DO NOT use alcohol to clean this instrument. If the finish is a spirit base, alcohol will strip the instrument. Then you will need to start over with a new ground and finish costs.
The value of the instrument is heavily affect by the finish. If you have not had the instrument appraised, you should do so before trying to clean the instrument.
Another thing that happens is rosin builds up on the instrument. If this is the case it will be difficult to remove with outt damaging the varnish. Extreme care should be taken when doing this.
Once you know what the instrument is worth then you can make the decision on what to do with it.
FYI there are many blond instruments out there. Some folks like to see the natural color of the wood.
Take it to a good Violin luthier before doing ANYTHING....:)
Ok — I will try to get an appraisal before I start messing around with the finish. Thank you all!
Take it to a luthier and explain that you want to get a finish on it to protect it. There are options that shouldn't cost an arm and a leg. I have done a little varnishing, and have had good luck using commercial products. There are some tutorials if you end up trying it yourself.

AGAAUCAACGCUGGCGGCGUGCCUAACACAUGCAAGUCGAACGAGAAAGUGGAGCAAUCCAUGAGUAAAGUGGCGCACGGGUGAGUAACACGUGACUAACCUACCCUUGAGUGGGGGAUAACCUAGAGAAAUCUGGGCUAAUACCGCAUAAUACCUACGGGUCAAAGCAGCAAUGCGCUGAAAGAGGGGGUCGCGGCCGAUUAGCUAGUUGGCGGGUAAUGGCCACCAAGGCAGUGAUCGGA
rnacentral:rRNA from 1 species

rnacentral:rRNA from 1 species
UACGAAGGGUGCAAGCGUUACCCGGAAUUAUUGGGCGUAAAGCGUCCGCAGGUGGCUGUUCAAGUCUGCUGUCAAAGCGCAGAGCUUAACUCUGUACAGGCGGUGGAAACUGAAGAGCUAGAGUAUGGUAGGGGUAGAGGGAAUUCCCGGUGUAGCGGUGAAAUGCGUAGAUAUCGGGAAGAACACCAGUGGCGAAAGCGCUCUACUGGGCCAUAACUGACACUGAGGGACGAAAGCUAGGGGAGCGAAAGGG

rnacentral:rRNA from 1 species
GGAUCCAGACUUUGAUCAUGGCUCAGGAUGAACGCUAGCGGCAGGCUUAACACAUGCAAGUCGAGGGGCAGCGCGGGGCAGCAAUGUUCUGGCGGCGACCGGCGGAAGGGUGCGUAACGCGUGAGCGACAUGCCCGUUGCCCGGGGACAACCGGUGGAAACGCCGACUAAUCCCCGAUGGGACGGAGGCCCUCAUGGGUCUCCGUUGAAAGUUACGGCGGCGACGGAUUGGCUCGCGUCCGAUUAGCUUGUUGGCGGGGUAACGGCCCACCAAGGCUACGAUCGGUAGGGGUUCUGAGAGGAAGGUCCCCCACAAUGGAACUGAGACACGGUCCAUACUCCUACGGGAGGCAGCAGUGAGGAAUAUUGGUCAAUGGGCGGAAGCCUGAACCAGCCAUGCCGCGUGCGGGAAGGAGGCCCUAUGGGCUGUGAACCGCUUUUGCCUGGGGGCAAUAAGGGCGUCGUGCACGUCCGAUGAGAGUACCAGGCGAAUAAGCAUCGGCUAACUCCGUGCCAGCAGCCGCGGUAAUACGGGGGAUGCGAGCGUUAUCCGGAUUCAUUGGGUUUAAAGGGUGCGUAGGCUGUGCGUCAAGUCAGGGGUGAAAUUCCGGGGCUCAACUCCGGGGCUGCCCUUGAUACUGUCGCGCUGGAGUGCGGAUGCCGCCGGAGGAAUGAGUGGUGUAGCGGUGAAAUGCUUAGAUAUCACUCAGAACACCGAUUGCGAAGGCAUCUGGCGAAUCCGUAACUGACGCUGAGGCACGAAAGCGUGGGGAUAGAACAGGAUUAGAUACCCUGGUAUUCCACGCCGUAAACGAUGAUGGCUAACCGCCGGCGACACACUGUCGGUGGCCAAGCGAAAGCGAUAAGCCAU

Just an idle thought..While it may look as if it is unvarnished, how do you know it doesn't have some other form of surface treatment??? Would a drop of water 'soak in' as it would on raw wood? or would it bead up?
Edited by - TuneWeaver on 02/25/2020 14:38:08
I am a luthier, and the best way, in my opinion, is to put a light coat of Spirit varnish on it after cleaning. Easy to do, doesn't take long to dry and very tone friendly.
I personally would use an Amber spirit varnish to protect it and enhance its looks.
Could we see pics of the back, sides and scroll?
Thank you. Glenn
Singing Tree Tonewood
I agree that you should take it to a luthier you trust for evaluation.
If you’re going to play the instrument, it really needs to be finished with some kind of varnish. Raw wood sucks in moisture and dirt and oil and becomes weak. Varnish actually helps to protect the instrument and will enhance tone.
There are several different ways to approach preparing the wood (e.g. mineral ground, pore filler, sealer, etc.). Your luthier can help you decide what’s best, and they might even have a couple instruments around that they’ve varnished. You might be able look at those and play them for comparison.
I have your twin! It was in same condition and from same auction.
I bought a varnish kit from international violin. There are step by step instructions included with the kit as well as a video of the kit on YouTube. I was inspired to complete this incomplete project.
Here is my Valpiani :)
I think it came out well and sounds just as good.
Edited by - Johnny_Mariachi on 05/16/2020 16:52:10
Very nice. I hope simpleculture's violin turns out as well.
Makes me wonder what is the actual source of these instruments.
'5-strings' 21 hrs
'Squeaks and scratches' 2 days
'Pre WW2 Fiddle' 3 days